The "at-will" employee and…
Forester is unable to cope with the way the events unfolded, and also the way they were communicated to her. She could not understand how it was possible to pursue her career ambitions and passions while taking care of her two children responsibly. The very situation she had strived to avoid has presented itself before her. She has now been relegated to the clinical track in spite of doing more than what was expected of her in her assigned duties. In spite of having a passion for her job, the thought of leaving it (and, by implication, the Institution) crosses her mind, something she has never envisaged doing (or something she could never fathom).
Building Trust and Respect through Constructive Conflict Resolution One of the most significant advantages of genuine conflict resolution (i.e. through effective communication, validation, and specific methodologies that address underlying causes of conflict) in the workplace is that it typically generates increased mutual respect and trust among coworkers (Blair, 2003; Kinicki & Williams, 2005; Wisinski, 1993). Whereas superficial (i.e. supervisor-imposed) solutions to isolated conflicts tends only to resolve those specific conflicts in
Conflict Resolution: Scenario Analysis The purpose of this research paper is to find theories and ways on how people deal with conflict on a smaller scale. Conflict arises from differences. It occurs whenever people disagree over their values, motivations, perceptions, ideas, or desires. A deep personal need is at the core of the problem, such as a need to feel safe and secure, a need to feel respected and valued, or a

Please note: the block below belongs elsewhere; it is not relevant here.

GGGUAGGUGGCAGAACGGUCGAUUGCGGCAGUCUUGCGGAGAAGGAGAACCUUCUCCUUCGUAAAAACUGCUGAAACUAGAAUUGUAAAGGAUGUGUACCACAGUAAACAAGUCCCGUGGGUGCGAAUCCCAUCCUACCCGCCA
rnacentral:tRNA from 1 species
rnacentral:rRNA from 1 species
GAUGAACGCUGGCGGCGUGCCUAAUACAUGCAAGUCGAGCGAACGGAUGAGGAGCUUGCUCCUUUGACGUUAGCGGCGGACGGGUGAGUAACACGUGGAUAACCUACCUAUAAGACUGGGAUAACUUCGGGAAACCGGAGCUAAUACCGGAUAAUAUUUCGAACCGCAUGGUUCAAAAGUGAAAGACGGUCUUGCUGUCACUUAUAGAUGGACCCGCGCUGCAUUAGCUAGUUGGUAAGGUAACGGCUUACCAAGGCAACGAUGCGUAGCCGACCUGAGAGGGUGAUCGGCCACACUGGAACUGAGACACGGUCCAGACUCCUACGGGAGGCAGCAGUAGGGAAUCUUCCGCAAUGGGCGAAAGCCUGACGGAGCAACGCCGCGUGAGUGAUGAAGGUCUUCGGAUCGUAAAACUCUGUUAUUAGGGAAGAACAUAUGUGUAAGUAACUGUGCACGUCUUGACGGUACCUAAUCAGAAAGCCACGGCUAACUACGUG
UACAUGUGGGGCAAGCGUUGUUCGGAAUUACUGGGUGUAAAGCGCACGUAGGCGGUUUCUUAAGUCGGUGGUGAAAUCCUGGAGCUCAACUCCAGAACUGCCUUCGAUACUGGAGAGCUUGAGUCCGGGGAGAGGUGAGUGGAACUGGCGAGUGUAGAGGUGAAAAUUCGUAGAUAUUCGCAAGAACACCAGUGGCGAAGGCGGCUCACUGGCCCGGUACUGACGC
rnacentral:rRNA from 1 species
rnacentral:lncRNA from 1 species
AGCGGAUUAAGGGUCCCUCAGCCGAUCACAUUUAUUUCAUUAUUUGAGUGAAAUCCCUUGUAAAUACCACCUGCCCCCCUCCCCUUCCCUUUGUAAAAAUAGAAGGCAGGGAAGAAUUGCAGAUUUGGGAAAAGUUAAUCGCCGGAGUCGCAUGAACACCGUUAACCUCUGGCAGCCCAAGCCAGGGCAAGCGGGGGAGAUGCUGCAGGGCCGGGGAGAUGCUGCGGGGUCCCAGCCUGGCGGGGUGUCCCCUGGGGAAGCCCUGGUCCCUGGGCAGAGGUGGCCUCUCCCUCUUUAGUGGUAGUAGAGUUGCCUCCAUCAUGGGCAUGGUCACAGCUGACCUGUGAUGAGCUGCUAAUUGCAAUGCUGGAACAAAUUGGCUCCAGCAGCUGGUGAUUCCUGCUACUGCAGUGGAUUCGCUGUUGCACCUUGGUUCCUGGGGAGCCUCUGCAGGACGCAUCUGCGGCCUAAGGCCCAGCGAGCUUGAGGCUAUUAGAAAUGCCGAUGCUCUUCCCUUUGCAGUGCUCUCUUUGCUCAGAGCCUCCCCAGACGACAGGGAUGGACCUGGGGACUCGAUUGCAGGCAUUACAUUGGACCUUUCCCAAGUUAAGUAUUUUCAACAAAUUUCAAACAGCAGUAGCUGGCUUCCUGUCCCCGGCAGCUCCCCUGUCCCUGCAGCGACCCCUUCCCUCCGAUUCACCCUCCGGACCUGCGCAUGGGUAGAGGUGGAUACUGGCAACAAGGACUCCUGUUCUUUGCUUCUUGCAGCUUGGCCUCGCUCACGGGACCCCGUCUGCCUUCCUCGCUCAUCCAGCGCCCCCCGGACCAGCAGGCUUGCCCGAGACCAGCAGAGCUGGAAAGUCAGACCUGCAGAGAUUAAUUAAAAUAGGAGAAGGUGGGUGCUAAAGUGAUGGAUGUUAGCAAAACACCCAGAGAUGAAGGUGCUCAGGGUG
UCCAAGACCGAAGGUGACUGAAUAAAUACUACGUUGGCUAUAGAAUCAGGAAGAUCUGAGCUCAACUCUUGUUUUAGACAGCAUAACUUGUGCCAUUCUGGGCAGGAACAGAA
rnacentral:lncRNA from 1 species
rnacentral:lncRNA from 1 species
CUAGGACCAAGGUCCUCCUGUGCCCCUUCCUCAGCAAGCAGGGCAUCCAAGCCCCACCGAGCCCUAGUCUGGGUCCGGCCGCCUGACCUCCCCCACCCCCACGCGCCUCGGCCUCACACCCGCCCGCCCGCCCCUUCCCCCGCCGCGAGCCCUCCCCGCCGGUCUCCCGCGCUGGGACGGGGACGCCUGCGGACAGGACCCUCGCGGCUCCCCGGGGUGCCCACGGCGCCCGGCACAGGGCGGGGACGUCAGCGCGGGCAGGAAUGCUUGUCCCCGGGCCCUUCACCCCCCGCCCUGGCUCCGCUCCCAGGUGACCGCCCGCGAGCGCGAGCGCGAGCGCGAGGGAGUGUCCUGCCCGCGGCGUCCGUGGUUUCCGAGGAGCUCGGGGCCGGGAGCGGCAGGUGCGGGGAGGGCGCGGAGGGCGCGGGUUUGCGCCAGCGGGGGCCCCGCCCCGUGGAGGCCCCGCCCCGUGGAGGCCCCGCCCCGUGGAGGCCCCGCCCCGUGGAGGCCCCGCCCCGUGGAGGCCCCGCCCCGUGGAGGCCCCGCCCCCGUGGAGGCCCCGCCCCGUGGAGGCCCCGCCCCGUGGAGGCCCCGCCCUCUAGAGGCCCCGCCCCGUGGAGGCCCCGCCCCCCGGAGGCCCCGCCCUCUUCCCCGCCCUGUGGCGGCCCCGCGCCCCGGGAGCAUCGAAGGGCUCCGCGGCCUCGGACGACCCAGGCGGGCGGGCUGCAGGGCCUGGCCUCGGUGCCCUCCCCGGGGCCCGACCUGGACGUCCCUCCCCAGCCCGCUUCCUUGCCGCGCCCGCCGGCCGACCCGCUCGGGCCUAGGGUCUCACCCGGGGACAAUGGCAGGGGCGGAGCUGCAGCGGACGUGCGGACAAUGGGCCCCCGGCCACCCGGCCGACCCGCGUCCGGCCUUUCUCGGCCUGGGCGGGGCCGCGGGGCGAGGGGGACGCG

283). Essentially, interests-based strategies are used in outcomes in which one desires either fairness of organization effectiveness, for the simple fact that this stratagem frequently requires the use of third-party intervention. In most instances, that third party will merely assist in facilitating the resolving of such a conflict by speaking to each disputant and helping them to solve the conflict for themselves. The third-party's role is strictly supplementary, unless
Conflict and adversity is an inevitable part of all of our lives. Yet, many people have different reactions to the conflict they face in their own individual scenarios. For a lucky few, conflict can serve as a point of resistance where the individual can rise above adversity and embrace a strong sense of inner pride and strength as seen in Mia Angelou's poem "Still I Rise"; however, there are other
This led him to not be concerned about future inspections. Yet, new members had joined the team and did not know how to handle inspection processes. The other team members did not step up to inform them because they thought the Commanding Officer would fulfill his responsibilities and do so himself. This lack of communication then was one of the biggest causes of the later conflict at hand. Communication
Conflict in the Workplace Workforce within organizations, whatever the level, constitutes one of the most important resources within such environments. Harmony among the human resource and shared vision among employees is one mandatory factor in ensuring that goals are appropriately met. Conflict if however, one inevitable occurrence in the workplace and organizational leaders has to deal with it appropriately (Flagan & Craig 8). Conflict in organizations neither occurs nor happens in